Working Together to Drive Positive Impact

Forced labour is an endemic social problem riddled throughout supply chains globally. With 28 million individuals victims of forced labour today, it is one of the most profitable global crimes and a problem of this magnitude cannot be solved by one person, company or industry acting alone.

The Human Rights Coalition (HRC) is uniquely positioned to drive the social sustainability conversation forward and help implement actions that lead to positive impacts. CEO-led, we work to achieve decent working conditions across the consumer goods industry and worldwide. Our Coalition was founded in 2020 to accelerate and align CGF members’ actions to eradicate forced labour after five progressive years of CGF efforts on the issue, including the publication of our industry’s first-ever Social Resolution on Forced Labour and the identification of the Priority Industry Principles.

Today, our work is focused on driving individual and collective action in our businesses and supply chains to:

  • Implement Human Rights Due Diligence (HRDD) systems focused on forced labour in our own operations and our palm oil supply chain;
  • Support Responsible Recruitment markets; and
  • Support a focused movement with all relevant stakeholders to jointly expedite the elimination of forced labour.

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Defining the Problem and Our Principles

The International Labour Organization (ILO) defines forced labour as situations in which persons are coerced to work through the use of violence or intimidation, or by more subtle means such as accumulated debt, retention of identity papers or threats of denunciation to immigration authorities. This includes forced child labour, forced migrant labour and human trafficking. Of the 28 million people in forced labour, the ILO reports the overwhelming majority (63%) are found in the private sector. This is an unacceptable situation that the HRC is firmly committed to fighting.

While certain employment and recruitment practices may not initially appear problematic, in aggregate or combined with other forms of leverage, they can result in forced labour, particularly among vulnerable workers. Our work is also guided by our Priority Industry Principles, which were developed in 2016 in alignment with the UN Guiding Principles on Business and Human Rights and identify the three most problematic, yet often common, employment practices which can lead to cases of forced labour.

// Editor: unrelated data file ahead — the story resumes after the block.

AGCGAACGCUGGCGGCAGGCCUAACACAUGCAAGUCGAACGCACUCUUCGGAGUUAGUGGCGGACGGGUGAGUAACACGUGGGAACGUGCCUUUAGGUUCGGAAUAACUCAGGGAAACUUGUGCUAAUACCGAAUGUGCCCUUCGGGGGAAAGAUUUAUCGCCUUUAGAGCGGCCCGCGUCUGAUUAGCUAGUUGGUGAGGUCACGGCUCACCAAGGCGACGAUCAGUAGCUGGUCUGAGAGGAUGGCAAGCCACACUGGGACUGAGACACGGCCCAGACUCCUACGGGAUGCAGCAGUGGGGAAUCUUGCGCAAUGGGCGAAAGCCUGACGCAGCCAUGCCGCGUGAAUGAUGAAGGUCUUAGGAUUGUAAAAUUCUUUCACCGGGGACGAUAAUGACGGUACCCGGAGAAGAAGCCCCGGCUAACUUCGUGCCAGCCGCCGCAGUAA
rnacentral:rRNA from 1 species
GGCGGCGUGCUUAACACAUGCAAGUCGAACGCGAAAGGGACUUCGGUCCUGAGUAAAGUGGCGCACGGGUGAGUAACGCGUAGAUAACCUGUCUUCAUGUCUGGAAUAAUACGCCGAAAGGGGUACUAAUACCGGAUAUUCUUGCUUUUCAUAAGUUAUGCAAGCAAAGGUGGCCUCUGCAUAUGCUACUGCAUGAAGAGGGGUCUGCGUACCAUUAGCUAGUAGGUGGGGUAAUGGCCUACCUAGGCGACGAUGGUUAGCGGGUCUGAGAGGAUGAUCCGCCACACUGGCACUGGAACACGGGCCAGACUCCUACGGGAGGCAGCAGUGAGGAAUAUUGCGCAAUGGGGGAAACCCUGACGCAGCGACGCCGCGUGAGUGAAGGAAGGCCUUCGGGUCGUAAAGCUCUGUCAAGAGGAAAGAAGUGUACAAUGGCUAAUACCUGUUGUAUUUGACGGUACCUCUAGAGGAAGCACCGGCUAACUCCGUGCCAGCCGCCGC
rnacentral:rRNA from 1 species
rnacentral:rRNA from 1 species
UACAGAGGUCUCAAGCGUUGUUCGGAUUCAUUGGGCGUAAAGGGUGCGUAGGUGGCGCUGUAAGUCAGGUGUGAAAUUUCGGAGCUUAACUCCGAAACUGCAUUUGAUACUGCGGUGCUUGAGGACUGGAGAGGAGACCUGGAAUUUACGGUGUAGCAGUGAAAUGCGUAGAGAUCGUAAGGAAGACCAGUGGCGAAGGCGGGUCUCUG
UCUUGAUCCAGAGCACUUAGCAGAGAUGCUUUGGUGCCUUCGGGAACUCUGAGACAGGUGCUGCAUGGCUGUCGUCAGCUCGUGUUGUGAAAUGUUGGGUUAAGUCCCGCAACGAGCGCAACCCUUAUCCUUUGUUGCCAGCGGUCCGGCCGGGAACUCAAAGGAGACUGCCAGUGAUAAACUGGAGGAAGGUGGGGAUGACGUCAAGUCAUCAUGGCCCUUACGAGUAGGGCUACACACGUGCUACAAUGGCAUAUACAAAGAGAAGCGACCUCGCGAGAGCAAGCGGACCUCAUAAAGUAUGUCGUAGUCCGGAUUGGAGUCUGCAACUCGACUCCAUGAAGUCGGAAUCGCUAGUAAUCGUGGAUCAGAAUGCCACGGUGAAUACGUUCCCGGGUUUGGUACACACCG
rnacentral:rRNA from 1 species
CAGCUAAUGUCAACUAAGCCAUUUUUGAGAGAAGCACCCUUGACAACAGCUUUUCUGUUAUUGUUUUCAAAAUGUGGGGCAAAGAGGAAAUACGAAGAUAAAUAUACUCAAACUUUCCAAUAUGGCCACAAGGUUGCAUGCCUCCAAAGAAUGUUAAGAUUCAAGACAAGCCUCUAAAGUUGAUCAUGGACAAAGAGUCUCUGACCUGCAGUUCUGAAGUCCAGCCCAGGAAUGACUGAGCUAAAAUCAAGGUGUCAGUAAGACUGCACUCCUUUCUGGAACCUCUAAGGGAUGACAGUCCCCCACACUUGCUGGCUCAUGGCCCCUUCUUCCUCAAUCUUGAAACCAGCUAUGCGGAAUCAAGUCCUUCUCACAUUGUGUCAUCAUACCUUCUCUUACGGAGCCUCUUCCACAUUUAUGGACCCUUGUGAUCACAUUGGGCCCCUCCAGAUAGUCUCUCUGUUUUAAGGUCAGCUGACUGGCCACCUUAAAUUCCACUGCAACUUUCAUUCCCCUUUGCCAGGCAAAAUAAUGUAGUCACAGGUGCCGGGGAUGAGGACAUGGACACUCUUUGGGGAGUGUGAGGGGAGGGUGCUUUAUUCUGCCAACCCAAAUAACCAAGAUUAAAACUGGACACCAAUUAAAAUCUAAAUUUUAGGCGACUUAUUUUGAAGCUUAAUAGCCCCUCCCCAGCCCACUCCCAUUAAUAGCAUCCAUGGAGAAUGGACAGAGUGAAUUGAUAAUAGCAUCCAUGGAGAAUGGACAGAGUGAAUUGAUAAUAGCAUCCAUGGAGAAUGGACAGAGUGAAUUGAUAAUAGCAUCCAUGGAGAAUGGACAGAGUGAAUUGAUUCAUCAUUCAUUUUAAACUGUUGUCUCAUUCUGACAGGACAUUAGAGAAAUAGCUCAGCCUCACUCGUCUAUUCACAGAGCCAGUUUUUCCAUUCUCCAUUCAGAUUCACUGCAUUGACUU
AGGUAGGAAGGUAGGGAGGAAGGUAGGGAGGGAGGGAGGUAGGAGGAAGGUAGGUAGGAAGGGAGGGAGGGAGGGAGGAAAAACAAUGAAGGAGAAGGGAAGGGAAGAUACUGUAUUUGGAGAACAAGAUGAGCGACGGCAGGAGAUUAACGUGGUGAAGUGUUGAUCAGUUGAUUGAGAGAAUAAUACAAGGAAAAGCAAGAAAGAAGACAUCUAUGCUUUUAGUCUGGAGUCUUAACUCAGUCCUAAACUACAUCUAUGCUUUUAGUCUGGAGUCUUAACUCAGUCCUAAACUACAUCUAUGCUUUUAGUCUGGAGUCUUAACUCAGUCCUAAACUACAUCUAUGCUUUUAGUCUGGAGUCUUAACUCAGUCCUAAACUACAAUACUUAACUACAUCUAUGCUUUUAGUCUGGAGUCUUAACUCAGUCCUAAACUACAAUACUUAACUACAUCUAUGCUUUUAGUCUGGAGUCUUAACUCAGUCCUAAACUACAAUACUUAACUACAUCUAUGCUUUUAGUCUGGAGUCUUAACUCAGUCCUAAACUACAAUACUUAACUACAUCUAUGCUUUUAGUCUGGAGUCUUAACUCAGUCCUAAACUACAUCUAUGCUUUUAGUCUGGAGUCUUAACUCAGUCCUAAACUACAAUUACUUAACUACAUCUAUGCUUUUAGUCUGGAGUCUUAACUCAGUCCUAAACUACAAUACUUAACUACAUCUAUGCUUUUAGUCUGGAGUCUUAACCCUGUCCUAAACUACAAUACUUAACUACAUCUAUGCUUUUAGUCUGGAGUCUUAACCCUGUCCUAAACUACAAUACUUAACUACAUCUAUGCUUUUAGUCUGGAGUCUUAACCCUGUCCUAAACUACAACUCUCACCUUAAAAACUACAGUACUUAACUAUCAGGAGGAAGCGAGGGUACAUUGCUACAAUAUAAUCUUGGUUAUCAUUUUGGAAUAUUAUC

The Priority Industry Principles

CGF Priority Industry Principles on Forced Labour

These three Priority Industry Principles help us prioritise action to address the primary drivers of forced labour within the consumer goods industry and beyond. While the PIPs do not cover all drivers of forced labour, they have been developed in alignment with the ILO Indicators of Forced Labour.

We will take active measures to apply these Principles across our global value chains and own operations, to cases where such practices may lead to forced labour. We seek to apply these Principles to all workers regardless of their employment status, location, contractual arrangements or role. We do this as part of our collective journey to advance the human rights of workers and positively shape global labour markets.

The Priority Industry Principles identify the three most common, yet problematic, employment practices that can lead to cases of forced labour. They are aligned with the ILO’s Indicators of Forced Labour:

  • Abuse of vulnerability: Covered by PIPs 1, 2, and 3
  • Deception: Covered by PIP 3
  • Restriction of movement: Covered by PIP 2
  • Isolation: Covered by PIP 1
  • Physical and sexual violence: Covered by PIP 2
  • Intimidation and threats: Covered by PIP 2
  • Retention of identity documents: Covered by PIP 2
  • Withholding of wages: Covered by PIP 3
  • Debt bondage: Covered by PIPs 1 and 3
  • Abusive working and living conditions: Covered by PIP 3
  • Excessive overtime: Covered by PIP 3
Learn More About the Human Rights Coalition.

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Upholding the Industry’s First-ever Social Resolution on Forced Labour

The HRC is committed to upholding the consumer goods industry’s first-ever resolution on forced labour, which was issued by the CGF Board of Directors in 2015. It reads: 

“As the Board of The Consumer Goods Forum, we recognise our role as responsible businesses to respect and promote human rights and decent working conditions worldwide, in alignment with ongoing efforts such as the United Nations Guiding Principles on Business and Human Rights and other international frameworks including the ILO Declaration on Fundamental Principles and Rights at Work, the OECD Guidelines for Multinational Enterprises and the recently launched United Nations Sustainable Development Goals. As part of our wider efforts to promote human rights and decent working conditions worldwide, we acknowledge the broad societal problem of modern slavery and we strive to eradicate forced labour from our value chains. We will also continue not to tolerate forced labour within our own operations. To do so, we will harness the power of collective action as an industry group to identify and address issues and geographies of shared concern, enhancing the efficiency of any individual company initiatives in this area. In areas of shared concern, we will jointly develop specific action plans supporting the eradication of forced labour, in alignment with the widely embraced guidance provided by the United Nations Guiding Principles on Business and Human Rights. To achieve this ambitious goal, we will work closely with other industries, with governments and with civil society.”

Business Actions Against Forced Labour

See how our members are working towards the implementation of our Forced Labour Resolution in our case studies booklet, “Business Actions Against Forced Labour.”